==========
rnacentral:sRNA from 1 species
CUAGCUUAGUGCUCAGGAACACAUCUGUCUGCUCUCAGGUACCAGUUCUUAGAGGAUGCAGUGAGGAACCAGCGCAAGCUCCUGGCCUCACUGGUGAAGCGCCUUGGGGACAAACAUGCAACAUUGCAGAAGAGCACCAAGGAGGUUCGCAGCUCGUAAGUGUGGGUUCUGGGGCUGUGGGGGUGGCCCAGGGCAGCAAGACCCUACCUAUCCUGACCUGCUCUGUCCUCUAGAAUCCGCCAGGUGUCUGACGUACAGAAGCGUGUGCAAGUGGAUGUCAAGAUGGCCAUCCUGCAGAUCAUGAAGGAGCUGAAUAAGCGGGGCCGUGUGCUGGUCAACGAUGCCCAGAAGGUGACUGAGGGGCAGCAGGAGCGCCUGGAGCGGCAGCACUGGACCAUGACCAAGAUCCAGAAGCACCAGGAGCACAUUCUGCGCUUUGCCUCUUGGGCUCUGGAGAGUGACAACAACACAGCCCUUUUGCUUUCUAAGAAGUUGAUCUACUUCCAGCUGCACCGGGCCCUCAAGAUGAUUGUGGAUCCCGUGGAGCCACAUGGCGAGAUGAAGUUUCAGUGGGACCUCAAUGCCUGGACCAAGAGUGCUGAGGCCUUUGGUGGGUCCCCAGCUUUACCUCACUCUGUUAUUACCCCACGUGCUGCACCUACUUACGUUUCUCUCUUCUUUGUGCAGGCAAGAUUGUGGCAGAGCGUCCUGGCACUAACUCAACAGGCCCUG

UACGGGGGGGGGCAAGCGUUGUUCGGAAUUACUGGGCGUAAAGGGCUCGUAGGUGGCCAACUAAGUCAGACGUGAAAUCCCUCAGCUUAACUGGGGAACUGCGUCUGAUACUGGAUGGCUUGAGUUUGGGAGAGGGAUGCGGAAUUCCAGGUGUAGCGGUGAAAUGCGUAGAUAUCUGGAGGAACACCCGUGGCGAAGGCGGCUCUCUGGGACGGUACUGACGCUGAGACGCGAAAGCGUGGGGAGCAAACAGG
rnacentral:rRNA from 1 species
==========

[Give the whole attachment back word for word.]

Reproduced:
rnacentral:sRNA from 1 species
CUAGCUUAGUGCUCAGGAACACAUCUGUCUGCUCUCAGGUACCAGUUCUUAGAGGAUGCAGUGAGGAACCAGCGCAAGCUCCUGGCCUCACUGGUGAAGCGCCUUGGGGACAAACAUGCAACAUUGCAGAAGAGCACCAAGGAGGUUCGCAGCUCGUAAGUGUGGGUUCUGGGGCUGUGGGGGUGGCCCAGGGCAGCAAGACCCUACCUAUCCUGACCUGCUCUGUCCUCUAGAAUCCGCCAGGUGUCUGACGUACAGAAGCGUGUGCAAGUGGAUGUCAAGAUGGCCAUCCUGCAGAUCAUGAAGGAGCUGAAUAAGCGGGGCCGUGUGCUGGUCAACGAUGCCCAGAAGGUGACUGAGGGGCAGCAGGAGCGCCUGGAGCGGCAGCACUGGACCAUGACCAAGAUCCAGAAGCACCAGGAGCACAUUCUGCGCUUUGCCUCUUGGGCUCUGGAGAGUGACAACAACACAGCCCUUUUGCUUUCUAAGAAGUUGAUCUACUUCCAGCUGCACCGGGCCCUCAAGAUGAUUGUGGAUCCCGUGGAGCCACAUGGCGAGAUGAAGUUUCAGUGGGACCUCAAUGCCUGGACCAAGAGUGCUGAGGCCUUUGGUGGGUCCCCAGCUUUACCUCACUCUGUUAUUACCCCACGUGCUGCACCUACUUACGUUUCUCUCUUCUUUGUGCAGGCAAGAUUGUGGCAGAGCGUCCUGGCACUAACUCAACAGGCCCUG

UACGGGGGGGGGCAAGCGUUGUUCGGAAUUACUGGGCGUAAAGGGCUCGUAGGUGGCCAACUAAGUCAGACGUGAAAUCCCUCAGCUUAACUGGGGAACUGCGUCUGAUACUGGAUGGCUUGAGUUUGGGAGAGGGAUGCGGAAUUCCAGGUGUAGCGGUGAAAUGCGUAGAUAUCUGGAGGAACACCCGUGGCGAAGGCGGCUCUCUGGGACGGUACUGACGCUGAGACGCGAAAGCGUGGGGAGCAAACAGG
rnacentral:rRNA from 1 species